Welcome to 2016! For our first blog of the year, we’re putting on our Designer hat.
One of the questions we get asked the most is what makes designing virtual reality games different to flatscreen games. So, we’ll walk you through some the design challenges and opportunities we’ve faced over the course of the development ofThe Assembly– our first-person interactive story in VR.
From first steps to growing pains
After we’d finished movingThe Assemblyover to its new graphics enginearound this time last year, we invited some expert gamers to our studio to test the game and provide some valuable player feedback. We then used the tester’s observations from these playthroughs to help shape our design decisions for the game.
Our goal for The Assemblyhas been the same right from the very start: to create an immersive, atmospheric game that doesn’t overwhelm newcomers to VR. What we found from these tests was that player behaviour – even among experienced gamers – is different in VR than for flatscreen games.
For example, in flatscreen first-person games, it’s not uncommon to walk right up to the end of an in-game area strafe across it while mashing the action button, in the hope of finding a secret area. This is known as the ‘needle in a haystack’ or ‘Wolfensteinwall’ approach. In VR, however, that never happened – not even once. This is because VR mimics the real world so comprehensively, with your sense of presence and spatial awareness carried across to the virtual environment intact. As a result, players respond as they would in real life, rather than the gamified behaviours we see when playing flatscreen games.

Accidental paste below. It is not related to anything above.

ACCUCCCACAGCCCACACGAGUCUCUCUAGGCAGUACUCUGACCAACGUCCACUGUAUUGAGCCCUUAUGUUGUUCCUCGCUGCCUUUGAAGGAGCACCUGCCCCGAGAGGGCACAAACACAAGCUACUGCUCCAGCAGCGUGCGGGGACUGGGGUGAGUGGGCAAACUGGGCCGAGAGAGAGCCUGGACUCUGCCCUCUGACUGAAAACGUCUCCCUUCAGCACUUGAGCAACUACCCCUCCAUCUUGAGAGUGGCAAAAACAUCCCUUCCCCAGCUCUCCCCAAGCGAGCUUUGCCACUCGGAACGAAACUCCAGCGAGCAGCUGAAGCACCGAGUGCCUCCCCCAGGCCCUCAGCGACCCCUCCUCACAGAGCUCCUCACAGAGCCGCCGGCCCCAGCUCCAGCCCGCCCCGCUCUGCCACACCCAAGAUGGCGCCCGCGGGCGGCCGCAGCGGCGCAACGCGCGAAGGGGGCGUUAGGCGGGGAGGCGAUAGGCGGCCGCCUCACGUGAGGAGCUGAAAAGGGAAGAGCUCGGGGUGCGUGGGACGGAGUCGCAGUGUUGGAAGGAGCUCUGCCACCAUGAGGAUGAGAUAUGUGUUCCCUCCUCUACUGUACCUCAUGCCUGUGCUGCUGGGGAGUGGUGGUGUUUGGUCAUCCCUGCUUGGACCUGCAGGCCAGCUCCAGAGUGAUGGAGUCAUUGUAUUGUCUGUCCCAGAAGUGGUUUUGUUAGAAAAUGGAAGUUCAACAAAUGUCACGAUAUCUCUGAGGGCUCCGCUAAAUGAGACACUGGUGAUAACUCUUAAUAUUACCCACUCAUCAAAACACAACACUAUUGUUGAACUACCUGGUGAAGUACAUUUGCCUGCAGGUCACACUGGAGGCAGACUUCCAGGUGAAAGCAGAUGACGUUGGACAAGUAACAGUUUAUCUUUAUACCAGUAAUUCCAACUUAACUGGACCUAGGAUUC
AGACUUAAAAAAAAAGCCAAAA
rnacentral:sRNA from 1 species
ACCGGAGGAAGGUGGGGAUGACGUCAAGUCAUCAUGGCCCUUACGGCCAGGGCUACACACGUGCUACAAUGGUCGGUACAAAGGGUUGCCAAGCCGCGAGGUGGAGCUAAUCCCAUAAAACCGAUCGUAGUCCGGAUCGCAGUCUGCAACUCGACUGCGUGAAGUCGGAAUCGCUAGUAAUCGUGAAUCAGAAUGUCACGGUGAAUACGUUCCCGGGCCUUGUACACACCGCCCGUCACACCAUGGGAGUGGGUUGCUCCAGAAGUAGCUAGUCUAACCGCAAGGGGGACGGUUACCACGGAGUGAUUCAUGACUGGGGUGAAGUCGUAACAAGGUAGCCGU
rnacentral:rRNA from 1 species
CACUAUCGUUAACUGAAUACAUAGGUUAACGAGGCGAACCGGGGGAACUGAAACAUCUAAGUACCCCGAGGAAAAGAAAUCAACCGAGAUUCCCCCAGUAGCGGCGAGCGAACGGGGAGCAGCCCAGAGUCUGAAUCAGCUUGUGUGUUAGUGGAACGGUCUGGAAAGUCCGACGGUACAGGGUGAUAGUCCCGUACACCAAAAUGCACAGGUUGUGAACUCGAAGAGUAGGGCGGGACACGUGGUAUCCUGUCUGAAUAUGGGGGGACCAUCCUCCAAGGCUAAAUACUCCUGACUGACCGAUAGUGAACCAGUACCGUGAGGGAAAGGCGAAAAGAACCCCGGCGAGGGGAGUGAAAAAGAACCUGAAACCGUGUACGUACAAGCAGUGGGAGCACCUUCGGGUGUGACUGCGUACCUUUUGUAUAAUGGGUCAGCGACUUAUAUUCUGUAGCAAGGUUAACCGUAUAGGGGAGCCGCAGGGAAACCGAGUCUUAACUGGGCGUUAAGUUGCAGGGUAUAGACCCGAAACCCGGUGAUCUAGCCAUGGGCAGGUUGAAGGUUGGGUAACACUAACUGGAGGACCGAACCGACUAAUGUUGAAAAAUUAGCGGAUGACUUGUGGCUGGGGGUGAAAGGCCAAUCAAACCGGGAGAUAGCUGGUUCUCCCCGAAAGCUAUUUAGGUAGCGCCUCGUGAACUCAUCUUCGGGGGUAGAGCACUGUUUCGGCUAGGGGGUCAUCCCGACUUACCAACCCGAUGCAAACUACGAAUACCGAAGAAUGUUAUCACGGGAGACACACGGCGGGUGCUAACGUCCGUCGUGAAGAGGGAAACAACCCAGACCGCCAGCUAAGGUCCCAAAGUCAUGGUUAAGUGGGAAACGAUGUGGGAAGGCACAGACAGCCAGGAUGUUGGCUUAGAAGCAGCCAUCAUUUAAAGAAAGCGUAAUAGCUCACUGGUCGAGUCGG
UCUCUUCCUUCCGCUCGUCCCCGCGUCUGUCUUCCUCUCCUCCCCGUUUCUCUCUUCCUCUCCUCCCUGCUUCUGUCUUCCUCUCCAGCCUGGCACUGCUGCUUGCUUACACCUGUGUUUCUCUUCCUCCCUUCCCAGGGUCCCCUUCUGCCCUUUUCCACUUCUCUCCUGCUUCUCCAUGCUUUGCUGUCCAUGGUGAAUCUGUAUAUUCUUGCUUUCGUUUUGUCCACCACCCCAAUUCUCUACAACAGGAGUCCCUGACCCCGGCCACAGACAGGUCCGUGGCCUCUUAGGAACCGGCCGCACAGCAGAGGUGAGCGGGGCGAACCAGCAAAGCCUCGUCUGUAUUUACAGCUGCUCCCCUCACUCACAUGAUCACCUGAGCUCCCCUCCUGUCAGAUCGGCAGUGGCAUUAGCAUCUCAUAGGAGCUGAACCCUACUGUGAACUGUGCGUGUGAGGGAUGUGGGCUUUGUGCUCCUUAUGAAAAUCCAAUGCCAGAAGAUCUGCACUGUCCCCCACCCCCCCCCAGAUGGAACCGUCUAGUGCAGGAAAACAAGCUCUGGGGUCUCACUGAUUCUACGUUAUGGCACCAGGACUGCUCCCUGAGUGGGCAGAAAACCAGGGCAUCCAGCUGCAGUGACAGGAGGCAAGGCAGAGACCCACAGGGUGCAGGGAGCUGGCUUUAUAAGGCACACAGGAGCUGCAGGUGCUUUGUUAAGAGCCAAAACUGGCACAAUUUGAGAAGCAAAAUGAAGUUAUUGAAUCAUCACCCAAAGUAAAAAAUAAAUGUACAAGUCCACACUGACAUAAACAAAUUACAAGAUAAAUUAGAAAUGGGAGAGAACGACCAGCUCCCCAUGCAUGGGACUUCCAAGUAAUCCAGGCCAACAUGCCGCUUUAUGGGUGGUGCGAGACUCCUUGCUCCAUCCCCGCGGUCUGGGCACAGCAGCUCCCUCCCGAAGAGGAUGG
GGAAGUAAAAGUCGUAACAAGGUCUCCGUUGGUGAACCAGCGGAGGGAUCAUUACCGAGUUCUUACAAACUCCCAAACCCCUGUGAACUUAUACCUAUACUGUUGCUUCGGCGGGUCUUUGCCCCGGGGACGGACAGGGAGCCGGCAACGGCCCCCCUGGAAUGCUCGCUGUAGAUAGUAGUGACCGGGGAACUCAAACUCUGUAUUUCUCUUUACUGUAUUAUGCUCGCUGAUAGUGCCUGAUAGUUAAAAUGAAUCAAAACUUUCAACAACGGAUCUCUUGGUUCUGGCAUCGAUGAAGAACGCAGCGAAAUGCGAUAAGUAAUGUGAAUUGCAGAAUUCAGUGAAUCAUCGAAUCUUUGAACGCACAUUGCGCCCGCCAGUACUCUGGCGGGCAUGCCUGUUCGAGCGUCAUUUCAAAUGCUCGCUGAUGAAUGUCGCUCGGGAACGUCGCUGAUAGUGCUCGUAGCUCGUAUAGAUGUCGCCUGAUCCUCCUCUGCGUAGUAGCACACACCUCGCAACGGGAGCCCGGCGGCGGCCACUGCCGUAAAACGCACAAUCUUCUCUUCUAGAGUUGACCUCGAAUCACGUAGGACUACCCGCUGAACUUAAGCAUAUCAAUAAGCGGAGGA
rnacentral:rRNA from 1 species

We gave our testers an early version of theE3 demo buildto play, comprising ofThe Assembly’s first two levels, which introduce our protagonists Cal and Madeleine, plus the murder-mystery puzzle level set around a banquet table. This allowed us to see how players would perceive the environments we’d built, as well as serving as a good testbed for our narrative delivery systems, interaction system, and first-person movement controls.
We were pleased to find that in Madeleine’s intro level – wherefree movementis limited – all these systems meshed together and worked well. However, we soon discovered that to make these systems work as successfully in other levels, we’d need to take a second look at some of our designs.
Follow the trail, eat the path
In Cal’s intro level, set in a laboratory, players need to follow a series of steps to identify a particular virus found in a specimen sample. Players immediately had fun simply exploring the virtual environment, however we found that reminding them of the sequence of actions they needed to perform to progress the game’s narrative (known as “breadcrumbing”) could feel intrusive.
So, how did we solve this issue? Well, naturally we did what anybody would do in our situation and applied a bit of feng shui.